Reigate stone research at the Tower of London

My name is Martin Michette and I am writing my PhD on Reigate Stone at the Tower of London. Reigate Stone is a well known ‘Problem Stone’; most of it is decaying. Maybe you have noticed the crumbling walls of the Bell Tower at the Tower of London? Reigate Stone used to be one of London’s most important building stones, but its stock is declining. Fortunately there is still some surviving in our palaces. Rare examples of well preserved Reigate Stone are the ceilings of the Cradle Tower at the Tower of London and the Great Hall doorway at Hampton Court Palace.

Reigate Stone is coloured pale green to light grey. If you look closely you might also notice a sandy texture, or a distinctive flaking surface. If you think you’ve found any Reigate Stone why not put a photo on Twitter or Instagram with #ReigateStone. I will blog regularly throughout the course of my PhD and would be delighted to hear from you.

Reigate stone in the Bell Tower, Tower of London

The stone came from around Reigate in Surrey. It was very suitable for detailed carving and squared ashlar. This led to extensive use around London and the South East from the 11 th to 16 th century. Unfortunately it was also prone to weathering. Later centuries saw widespread replacement with other building stones. Attempts at conservation began in the late 19 th century. Many early treatments and techniques proved detrimental. The challenge is especially hard because the stone defies common characterisation. It is neither a sandstone nor a limestone. It also varies in composition and condition. My research will characterise the stone and assess past treatment measures. It will also investigate preventive, ‘green’ measures. These will support sustainable conservation strategies in the future. Finding and recording as many examples of the stone as possible using a range of non-destructive equipment will be an important part of my work. So when you are next at the Tower, if you see me holding strange devices up against a wall, come and ask me what I’m doing.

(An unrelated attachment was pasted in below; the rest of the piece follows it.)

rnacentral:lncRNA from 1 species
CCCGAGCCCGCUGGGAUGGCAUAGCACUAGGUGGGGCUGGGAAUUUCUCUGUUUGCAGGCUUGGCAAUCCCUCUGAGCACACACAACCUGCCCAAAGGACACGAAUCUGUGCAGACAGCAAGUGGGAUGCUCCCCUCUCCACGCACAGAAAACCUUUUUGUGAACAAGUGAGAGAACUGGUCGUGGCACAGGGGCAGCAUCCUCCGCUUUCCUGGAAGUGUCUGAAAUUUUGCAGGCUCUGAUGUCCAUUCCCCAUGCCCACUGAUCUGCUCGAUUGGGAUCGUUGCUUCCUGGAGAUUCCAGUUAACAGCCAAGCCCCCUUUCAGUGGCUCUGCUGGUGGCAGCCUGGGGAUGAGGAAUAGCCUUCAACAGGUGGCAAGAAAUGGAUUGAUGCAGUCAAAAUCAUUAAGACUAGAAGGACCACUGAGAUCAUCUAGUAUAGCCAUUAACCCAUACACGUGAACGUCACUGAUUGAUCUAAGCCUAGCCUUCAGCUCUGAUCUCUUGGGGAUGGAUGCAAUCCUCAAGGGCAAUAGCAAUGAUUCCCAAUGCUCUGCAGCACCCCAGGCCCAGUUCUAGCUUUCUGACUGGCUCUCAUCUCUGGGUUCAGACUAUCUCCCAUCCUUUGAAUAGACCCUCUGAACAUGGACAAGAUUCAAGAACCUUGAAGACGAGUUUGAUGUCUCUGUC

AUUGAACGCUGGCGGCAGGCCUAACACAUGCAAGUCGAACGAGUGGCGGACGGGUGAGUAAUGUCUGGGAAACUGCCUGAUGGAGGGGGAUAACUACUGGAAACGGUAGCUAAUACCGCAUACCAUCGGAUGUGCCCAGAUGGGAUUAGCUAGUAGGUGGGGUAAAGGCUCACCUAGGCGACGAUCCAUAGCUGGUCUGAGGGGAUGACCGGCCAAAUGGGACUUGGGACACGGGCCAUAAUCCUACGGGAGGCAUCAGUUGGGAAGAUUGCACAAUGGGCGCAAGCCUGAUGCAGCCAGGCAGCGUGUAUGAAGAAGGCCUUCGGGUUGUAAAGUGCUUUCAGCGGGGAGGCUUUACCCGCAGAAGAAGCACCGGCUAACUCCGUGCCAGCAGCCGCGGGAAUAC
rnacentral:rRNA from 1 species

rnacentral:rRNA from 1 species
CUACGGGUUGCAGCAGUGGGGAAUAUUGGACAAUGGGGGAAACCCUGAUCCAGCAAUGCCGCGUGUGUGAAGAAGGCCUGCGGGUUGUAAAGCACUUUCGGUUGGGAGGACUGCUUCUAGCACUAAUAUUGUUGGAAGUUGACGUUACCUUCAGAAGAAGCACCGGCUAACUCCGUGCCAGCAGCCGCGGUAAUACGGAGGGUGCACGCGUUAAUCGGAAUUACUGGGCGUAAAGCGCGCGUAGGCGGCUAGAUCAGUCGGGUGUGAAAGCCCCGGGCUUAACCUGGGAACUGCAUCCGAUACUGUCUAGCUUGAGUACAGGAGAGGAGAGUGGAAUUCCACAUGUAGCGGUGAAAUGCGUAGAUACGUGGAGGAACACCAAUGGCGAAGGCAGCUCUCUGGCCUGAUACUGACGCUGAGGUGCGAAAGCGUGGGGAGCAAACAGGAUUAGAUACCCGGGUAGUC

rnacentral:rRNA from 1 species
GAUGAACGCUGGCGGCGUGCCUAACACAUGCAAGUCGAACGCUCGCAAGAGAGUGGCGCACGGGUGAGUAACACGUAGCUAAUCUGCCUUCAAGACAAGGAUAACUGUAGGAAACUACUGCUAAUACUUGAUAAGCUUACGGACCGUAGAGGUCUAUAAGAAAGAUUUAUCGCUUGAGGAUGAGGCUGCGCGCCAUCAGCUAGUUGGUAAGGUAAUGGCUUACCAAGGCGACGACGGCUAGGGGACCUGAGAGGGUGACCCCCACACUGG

This is collaborative research between the University of Oxford, Historic Royal Palaces and Carden and Godfrey Architects. The project is co-funded by the EPSRC Centre of Doctoral Training in Science and Engineering in Arts, Heritage and Archaeology (SEAHA) and Historic Royal Palaces.

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